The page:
Celebrity Solstice Postcard #7 – Laem Chabang, Thailand

As Civitavecchia is classed the port of Rome and Le Havre similarly as Paris and despite being a good distance between port and city, Laem Chabang is classed as Bangkok. Because the ship was overnighting here we decided to do a tour and see Thailand’s capital city with a group from Cruise Critic.

This morning we arrived at Laem Chabang just before 9:00 and with more time at our disposal it allowed us to take breakfast in a more leisurely manner. All the rushing around could wait until later in the day.
We were off the ship by 9:30 and located our guide and fellow tour mates very quickly. Our group consisted of 6 of us plus guide and driver and we set off fairly quickly to destination of Bangkok in our very comfortable and air-conditioned 9 seater minibus (Luxury-Mini-Bus Jim ????)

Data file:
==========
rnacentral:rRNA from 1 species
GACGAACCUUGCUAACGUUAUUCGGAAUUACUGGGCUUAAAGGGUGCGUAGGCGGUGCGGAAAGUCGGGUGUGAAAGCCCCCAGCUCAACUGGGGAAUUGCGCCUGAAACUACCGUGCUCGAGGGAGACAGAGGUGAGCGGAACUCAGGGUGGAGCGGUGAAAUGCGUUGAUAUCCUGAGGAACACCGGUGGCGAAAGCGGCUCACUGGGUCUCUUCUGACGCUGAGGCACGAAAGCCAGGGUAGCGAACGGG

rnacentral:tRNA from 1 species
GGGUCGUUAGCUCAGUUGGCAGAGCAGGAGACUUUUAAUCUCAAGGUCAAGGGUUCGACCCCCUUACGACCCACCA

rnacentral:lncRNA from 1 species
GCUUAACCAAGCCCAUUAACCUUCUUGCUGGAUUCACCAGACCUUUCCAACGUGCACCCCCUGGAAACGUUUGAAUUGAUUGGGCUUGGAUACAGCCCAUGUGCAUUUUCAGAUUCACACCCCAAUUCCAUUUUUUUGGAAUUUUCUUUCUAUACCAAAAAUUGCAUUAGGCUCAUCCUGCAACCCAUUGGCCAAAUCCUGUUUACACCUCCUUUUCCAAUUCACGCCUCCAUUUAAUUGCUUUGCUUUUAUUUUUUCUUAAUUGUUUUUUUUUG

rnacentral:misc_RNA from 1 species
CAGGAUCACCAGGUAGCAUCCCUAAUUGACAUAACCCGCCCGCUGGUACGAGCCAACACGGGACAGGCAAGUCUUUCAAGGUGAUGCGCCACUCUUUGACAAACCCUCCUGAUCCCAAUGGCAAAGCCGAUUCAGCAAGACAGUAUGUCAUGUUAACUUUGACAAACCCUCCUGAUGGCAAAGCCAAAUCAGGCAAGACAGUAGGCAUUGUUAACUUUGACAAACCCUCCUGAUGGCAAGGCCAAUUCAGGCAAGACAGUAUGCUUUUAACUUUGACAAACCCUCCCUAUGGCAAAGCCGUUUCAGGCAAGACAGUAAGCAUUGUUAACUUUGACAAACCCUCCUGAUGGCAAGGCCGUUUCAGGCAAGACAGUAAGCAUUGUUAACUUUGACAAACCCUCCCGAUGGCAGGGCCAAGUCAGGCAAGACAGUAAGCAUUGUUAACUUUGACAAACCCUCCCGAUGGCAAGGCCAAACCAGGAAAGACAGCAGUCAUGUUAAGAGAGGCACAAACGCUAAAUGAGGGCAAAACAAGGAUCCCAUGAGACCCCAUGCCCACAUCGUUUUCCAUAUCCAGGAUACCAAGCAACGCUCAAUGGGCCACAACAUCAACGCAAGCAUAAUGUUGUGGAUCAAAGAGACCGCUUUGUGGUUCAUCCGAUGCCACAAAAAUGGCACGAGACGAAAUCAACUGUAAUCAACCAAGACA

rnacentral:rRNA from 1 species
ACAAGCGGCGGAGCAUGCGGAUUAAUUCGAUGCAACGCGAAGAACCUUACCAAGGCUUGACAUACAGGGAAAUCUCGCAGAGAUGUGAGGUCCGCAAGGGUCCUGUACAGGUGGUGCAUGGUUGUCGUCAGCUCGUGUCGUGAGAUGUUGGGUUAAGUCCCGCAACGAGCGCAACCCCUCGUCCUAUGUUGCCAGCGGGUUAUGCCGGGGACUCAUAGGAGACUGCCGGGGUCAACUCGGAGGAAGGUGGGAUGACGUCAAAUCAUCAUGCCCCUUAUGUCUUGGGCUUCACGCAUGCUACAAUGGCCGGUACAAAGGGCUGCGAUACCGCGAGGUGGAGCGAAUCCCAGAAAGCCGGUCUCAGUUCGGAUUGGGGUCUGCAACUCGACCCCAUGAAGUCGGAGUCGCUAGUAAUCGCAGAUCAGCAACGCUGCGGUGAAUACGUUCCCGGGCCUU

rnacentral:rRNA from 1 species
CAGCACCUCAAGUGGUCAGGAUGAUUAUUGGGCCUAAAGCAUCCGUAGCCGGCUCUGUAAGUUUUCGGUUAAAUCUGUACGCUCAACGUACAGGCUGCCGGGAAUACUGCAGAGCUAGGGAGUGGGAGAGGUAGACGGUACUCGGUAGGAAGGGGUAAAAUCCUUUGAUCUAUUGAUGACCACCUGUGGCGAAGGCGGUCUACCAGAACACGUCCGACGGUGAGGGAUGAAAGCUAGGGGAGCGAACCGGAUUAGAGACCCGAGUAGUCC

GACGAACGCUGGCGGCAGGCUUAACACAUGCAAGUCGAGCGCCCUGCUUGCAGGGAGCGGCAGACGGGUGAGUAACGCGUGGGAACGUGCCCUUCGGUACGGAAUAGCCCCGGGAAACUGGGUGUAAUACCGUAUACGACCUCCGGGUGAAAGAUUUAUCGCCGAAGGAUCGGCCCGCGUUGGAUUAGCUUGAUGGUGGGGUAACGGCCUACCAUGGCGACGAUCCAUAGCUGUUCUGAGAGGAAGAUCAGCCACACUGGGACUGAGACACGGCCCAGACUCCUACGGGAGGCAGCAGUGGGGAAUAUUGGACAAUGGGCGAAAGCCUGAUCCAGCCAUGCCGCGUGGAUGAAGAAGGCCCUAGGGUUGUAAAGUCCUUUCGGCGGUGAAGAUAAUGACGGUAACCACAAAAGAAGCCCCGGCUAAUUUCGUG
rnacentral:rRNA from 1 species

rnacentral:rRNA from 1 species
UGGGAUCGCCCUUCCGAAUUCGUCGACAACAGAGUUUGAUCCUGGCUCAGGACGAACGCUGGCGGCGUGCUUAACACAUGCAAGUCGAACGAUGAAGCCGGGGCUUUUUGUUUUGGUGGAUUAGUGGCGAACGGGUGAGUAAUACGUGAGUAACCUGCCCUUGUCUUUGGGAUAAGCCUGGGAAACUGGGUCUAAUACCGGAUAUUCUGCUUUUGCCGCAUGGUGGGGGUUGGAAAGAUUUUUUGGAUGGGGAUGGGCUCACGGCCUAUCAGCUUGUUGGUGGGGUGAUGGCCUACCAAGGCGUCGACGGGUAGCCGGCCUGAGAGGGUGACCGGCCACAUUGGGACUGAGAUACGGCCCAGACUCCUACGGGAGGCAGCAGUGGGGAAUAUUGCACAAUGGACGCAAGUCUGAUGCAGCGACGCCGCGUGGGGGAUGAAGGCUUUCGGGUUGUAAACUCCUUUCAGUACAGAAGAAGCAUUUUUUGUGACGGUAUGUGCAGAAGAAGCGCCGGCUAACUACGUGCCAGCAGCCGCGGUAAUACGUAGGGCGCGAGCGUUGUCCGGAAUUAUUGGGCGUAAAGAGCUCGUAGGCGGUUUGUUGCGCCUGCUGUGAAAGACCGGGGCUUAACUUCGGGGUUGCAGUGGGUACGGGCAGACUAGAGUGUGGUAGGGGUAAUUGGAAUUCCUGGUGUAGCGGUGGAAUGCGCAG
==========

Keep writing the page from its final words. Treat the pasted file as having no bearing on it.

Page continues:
Our LMB otherwise known as Luxury Mini Bus

 

It took approximately 2 hours and 30 minutes to reach our first stop.
The Royal Grand Palace which is said to be one of the most beautiful samples of an ancient
Siamese court. It used to be the residence of the Kings of Thailand. Here we were shown several palaces which were used for different occasions: The Funeral Palace, the Reception Palace, the
Throne Hall, the Coronation Hall, the Royal Guest House, and the beautiful Emerald Buddha
Temple. It was very busy and we had to rely on a voice alone narrative from our guide who was heavily accented so I missed 85% of what he was saying. It was still impressive to see even if I wasn’t sure exactly what I was looking at.

The Emerald Buddha